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3.85  ·  Rating details ·  1,505 Ratings  ·  162 Reviews
Septiembre de 1899. En una pequeña ciudad de provincias del Imperio austrohúngaro, Alondra, la hija de los Vajkay, se dispone a pasar una semana de vacaciones con sus tíos. Durante esos días coincidirán la alegría de vivir con la ausencia de esa hija solterona y poco agraciada, cuya presencia da sentido y a la vez condiciona la existencia de los Vajkay.
Paperback, 205 pages
Published October 1st 2010 by Ediciones B (first published 1924)
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dnl The cover and the metadata correspond to the Spanish translation from Hungarian.
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Sep 07, 2011 rated it really liked it  ·  review of another edition
Wow. The last fifty pages or so of Skylark are pretty damn brutal. You know how there are a whole bunch of really ugly truths about life that we generally just brush off or lie to ourselves about? This book confronts some of them head-on. And the honesty is actually a little harrowing at times. Here's my own real-life point-of-comparison: when I was a teenager and worked at a movie theater this one guy used to come in a lot (always alone) to see movies. Not so unusual, right? Well, the reason I ...more
Jan 12, 2011 rated it really liked it  ·  review of another edition
To be completely superficial let me start by saying that for a book concerning ugliness, this has a beautiful cover. The colors are gorgeous and fine -dark ochre and robin's egg blue- and the sans serif type and Hungarian accents top it off like fragile bones.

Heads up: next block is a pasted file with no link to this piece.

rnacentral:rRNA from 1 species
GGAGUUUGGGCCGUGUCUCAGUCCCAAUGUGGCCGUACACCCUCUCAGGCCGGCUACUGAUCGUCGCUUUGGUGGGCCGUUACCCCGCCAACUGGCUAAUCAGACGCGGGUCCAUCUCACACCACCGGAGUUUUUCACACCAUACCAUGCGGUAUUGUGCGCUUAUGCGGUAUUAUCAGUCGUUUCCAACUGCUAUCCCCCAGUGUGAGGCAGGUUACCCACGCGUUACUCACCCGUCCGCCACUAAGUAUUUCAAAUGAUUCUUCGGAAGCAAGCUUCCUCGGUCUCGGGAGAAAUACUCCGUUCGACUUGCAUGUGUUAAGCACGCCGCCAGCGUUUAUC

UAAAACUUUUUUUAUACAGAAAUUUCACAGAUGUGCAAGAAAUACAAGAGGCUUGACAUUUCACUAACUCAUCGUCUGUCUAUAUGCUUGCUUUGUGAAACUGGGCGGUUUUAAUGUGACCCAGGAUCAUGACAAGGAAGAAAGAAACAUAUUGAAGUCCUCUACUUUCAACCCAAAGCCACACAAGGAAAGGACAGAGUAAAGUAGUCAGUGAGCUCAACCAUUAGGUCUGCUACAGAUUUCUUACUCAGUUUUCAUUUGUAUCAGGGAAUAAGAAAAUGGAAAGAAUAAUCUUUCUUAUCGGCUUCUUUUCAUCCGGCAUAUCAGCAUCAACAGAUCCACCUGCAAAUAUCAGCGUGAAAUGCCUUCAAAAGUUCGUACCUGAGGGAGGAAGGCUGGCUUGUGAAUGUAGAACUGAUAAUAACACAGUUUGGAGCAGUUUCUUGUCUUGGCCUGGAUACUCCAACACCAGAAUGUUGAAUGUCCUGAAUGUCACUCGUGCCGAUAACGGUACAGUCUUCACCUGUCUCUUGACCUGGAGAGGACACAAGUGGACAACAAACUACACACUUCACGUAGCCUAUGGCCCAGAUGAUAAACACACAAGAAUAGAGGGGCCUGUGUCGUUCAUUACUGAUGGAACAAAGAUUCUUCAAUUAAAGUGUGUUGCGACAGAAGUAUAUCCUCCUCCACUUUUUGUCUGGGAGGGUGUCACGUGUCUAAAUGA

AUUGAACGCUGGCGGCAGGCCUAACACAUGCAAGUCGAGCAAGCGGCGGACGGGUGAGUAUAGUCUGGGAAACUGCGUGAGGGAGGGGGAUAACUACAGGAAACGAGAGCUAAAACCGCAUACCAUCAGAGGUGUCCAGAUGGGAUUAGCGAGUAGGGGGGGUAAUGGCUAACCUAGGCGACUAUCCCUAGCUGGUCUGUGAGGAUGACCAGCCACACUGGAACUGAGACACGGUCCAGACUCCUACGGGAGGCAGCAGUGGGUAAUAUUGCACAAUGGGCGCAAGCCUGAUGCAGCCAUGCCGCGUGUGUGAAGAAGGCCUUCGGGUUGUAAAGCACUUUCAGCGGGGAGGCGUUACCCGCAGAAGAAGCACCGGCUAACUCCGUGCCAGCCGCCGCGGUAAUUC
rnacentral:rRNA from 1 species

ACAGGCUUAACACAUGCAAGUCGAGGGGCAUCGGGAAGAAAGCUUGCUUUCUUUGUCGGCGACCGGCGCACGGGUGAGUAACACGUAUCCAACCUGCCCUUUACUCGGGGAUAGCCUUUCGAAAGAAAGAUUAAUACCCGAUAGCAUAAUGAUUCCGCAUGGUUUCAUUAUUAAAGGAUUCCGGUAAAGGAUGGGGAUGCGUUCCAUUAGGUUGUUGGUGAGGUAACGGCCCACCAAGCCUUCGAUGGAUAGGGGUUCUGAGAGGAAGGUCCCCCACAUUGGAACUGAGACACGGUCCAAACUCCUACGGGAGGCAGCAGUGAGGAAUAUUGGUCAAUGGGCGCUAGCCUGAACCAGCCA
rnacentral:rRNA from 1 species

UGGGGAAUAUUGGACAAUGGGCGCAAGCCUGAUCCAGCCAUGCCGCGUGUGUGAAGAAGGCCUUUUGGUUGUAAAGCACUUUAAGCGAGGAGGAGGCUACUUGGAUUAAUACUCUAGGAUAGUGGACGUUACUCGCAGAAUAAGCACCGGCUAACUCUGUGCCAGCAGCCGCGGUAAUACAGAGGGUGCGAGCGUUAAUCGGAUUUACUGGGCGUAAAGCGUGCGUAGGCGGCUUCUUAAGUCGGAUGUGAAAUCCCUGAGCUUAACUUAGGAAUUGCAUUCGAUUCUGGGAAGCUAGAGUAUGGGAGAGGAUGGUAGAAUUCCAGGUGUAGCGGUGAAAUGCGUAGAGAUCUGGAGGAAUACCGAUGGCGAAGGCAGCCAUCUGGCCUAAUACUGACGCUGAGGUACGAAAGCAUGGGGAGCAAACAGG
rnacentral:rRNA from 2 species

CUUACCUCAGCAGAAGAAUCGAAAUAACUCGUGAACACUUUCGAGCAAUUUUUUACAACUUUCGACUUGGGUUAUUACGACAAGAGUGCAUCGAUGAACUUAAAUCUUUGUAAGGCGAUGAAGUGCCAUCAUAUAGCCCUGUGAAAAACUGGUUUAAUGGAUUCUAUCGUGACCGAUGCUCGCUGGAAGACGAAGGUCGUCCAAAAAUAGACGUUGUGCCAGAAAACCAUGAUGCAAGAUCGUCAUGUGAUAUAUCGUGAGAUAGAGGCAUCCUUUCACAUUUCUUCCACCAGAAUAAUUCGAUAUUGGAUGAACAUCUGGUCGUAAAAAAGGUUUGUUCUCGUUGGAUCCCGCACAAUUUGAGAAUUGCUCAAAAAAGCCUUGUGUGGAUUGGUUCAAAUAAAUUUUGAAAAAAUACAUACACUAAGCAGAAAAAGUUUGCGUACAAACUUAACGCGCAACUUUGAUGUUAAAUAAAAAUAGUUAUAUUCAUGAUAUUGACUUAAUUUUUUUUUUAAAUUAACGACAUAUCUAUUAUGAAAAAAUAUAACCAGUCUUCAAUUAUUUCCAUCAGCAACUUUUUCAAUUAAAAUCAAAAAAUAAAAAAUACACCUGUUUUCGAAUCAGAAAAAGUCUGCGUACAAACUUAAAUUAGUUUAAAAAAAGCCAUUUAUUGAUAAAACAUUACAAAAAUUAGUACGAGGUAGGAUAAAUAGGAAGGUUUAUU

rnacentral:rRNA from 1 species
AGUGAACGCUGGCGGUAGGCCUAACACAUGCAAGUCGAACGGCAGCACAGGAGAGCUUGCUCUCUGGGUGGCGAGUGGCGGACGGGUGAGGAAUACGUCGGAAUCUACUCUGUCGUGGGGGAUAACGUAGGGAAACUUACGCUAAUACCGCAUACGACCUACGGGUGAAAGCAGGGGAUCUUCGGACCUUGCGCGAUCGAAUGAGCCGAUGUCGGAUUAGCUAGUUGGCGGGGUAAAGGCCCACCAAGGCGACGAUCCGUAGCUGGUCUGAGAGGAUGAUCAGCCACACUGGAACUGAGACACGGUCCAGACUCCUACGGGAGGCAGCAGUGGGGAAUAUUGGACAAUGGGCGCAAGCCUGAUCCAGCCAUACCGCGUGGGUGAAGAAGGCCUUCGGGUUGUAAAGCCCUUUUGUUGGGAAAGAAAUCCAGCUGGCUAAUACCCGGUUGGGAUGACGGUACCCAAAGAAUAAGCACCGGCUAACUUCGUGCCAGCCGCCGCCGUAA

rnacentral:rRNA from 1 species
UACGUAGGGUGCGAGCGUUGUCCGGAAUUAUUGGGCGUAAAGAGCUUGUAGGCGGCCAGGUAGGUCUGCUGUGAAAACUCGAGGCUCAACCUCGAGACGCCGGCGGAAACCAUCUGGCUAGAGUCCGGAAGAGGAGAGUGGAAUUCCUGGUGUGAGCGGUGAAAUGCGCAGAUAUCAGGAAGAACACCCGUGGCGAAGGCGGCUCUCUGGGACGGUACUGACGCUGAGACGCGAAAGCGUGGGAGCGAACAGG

But looks aren't everything. I was also bowled over by the story, which is both heartbreaking and very funny. It's set in a distinctive time and place, but what's portrayed is accessible to anyone.

Before going into it, it’s important to kn
Feb 09, 2017 rated it really liked it  ·  review of another edition
Disappointment is a long word that means a small thing. The character is not SHOCKED, not DEVASTATED. No, he is just...oh...disappointed. Like a Christmas wish not rendered, a fraction of a lower school grade, the wrong team (again) wins the Super Bowl. But when it is someone's life, someone's very existence that disappoints, then that small thing crushes.

The set-up of Skylark is fairly well smathered in the book description and elsewhere that I won't be plot-spoiling to tell you that the epony
Paul Bryant
Sep 09, 2011 rated it liked it  ·  review of another edition
Shelves: novels
Well, some things remain truths universally acknowledged. Certainly this has been and still is held to be true here in Nottingham, England :

He had much to report... who had been drinking wine, or champagne, or schnapps, and how much of each had been consumed by whom; and finally who had been sick and how many times. For in Sarszeg this served as the surest measure of a good time. Those who were sick twice had had a better time than those who were only sick once. Yesterday some had even been sick
Aug 31, 2011 rated it really liked it  ·  review of another edition
Shelves: eastern-europe, nyrb
The three main characters in this superb novel - a mother, father and daughter - have, somehow, expunged all joy from their lives and I believe that all the three of them are, in different ways, complicit in their mutual suffocation. To - as they see it - protect Skylark her parents have allowed a series of habits to come into being which they are forced into maintaining and repeating because to change would be to betray their daughter. It appears to suit Skylark to cling to this way of living b ...more
Diane S ☔
Jul 28, 2014 rated it really liked it  ·  review of another edition